(We did briefly consider using our Ergo Carrier, which would have been even easier for navigating crowds. But I thought carrying Parker around like that all day might be “back breaking,” as I was going to be the one carrying him, since Rob was pretty booked with GMing duties. It also would have made it difficult to carry a back pack. Although, if you have a very little one, this might be a good option for you. And you can always have one of you carry your LO and the other of you carry all the stuff.)
In practice, the umbrella stroller worked just fine. It was really easy to navigate the show floor, and Parker had no trouble sitting in it for a good amount of time. However, for as many parents as there were with strollers like ours, there were just as many shuffling their kids around in full-size strollers, with what appeared to be not too much trouble. So here’s where considering the size of your con comes into play. Although I am sure there are thousands of people attending Origins this weekend, it is nothing like the tens of thousands who fill the Javits Center at NYCC. (I once got stuck on the show floor at NYCC for two hours trying to get through the ocean of wall-to-wall people to the bathroom! So, actually, with that in mind, I would probably never even attempt to take an LO to a con of that size at all . . .) But what I’m really trying to say here is: the bigger the con, the smaller your stroller needs to be.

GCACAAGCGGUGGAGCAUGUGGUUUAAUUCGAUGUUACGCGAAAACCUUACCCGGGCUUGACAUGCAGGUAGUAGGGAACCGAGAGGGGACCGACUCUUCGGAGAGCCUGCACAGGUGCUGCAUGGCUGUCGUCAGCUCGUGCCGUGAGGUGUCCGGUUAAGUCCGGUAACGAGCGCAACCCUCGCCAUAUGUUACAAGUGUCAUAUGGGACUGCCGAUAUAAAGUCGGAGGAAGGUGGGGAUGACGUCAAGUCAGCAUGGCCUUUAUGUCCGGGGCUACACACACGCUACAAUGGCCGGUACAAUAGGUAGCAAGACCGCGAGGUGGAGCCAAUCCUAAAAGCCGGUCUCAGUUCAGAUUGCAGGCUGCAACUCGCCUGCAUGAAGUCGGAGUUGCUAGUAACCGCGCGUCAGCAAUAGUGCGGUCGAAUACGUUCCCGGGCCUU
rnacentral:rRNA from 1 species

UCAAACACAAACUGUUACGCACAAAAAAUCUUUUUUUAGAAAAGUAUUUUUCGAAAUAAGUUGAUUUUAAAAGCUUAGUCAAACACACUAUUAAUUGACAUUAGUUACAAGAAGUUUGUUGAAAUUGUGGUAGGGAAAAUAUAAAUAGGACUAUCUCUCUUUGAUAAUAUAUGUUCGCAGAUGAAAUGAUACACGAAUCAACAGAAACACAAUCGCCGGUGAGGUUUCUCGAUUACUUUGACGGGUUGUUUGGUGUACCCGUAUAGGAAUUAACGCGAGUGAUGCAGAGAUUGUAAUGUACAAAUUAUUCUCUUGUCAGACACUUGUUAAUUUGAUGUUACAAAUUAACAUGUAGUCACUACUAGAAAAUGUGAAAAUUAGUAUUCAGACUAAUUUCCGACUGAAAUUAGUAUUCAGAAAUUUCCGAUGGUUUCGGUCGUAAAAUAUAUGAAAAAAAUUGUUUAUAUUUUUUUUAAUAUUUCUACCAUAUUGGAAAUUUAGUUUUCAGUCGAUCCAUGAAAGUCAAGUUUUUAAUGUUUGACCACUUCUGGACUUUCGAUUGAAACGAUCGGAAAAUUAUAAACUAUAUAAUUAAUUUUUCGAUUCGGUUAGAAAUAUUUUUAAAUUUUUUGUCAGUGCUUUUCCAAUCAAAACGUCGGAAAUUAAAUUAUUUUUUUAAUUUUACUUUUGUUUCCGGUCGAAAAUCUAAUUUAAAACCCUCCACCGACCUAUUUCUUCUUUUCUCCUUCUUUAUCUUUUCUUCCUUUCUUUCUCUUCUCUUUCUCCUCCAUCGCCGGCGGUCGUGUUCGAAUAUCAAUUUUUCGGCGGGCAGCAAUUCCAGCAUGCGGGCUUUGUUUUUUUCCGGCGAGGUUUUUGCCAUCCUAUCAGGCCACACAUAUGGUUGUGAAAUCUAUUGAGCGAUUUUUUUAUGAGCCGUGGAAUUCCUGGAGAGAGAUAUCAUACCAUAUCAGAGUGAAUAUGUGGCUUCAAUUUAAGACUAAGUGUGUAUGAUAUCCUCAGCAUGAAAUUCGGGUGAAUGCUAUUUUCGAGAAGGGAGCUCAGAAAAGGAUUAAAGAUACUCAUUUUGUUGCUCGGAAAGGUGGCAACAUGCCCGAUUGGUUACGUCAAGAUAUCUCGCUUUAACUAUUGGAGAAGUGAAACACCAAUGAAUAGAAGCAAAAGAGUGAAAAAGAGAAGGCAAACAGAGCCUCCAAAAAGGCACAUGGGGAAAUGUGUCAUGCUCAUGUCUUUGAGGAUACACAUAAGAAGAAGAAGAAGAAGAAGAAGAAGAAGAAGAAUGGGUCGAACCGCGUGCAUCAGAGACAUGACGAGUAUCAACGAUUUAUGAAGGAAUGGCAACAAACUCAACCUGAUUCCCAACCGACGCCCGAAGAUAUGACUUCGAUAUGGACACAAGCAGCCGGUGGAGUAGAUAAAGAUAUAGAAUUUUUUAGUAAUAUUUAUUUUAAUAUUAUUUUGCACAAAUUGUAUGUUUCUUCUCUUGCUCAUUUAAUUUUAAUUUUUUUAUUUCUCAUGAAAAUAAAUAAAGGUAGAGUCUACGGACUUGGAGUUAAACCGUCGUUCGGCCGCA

On the other hand, if you do have the great fortune to attend a con where you can push your everyday stroller through the aisles, the benefit over an umbrella stroller is that most full-size strollers are designed to carry cargo. And I don’t just mean your precious cargo. I’m thinking of taking our everyday stroller with me tomorrow, so it (and not Mommy) can carry the backpack! 🙂
Anyway, that’s the list of what we have learned so far. I’m sure I might add to it as time goes on and Parker begins to grow more and more into a person of his own with his own interests (and opinions 🙂 ).
Do you have experience with taking LOs with you to conventions? Anything you would add to this list? Let us know by replying in the comments below. (Please review our Comment Policy before posting. Thanks!)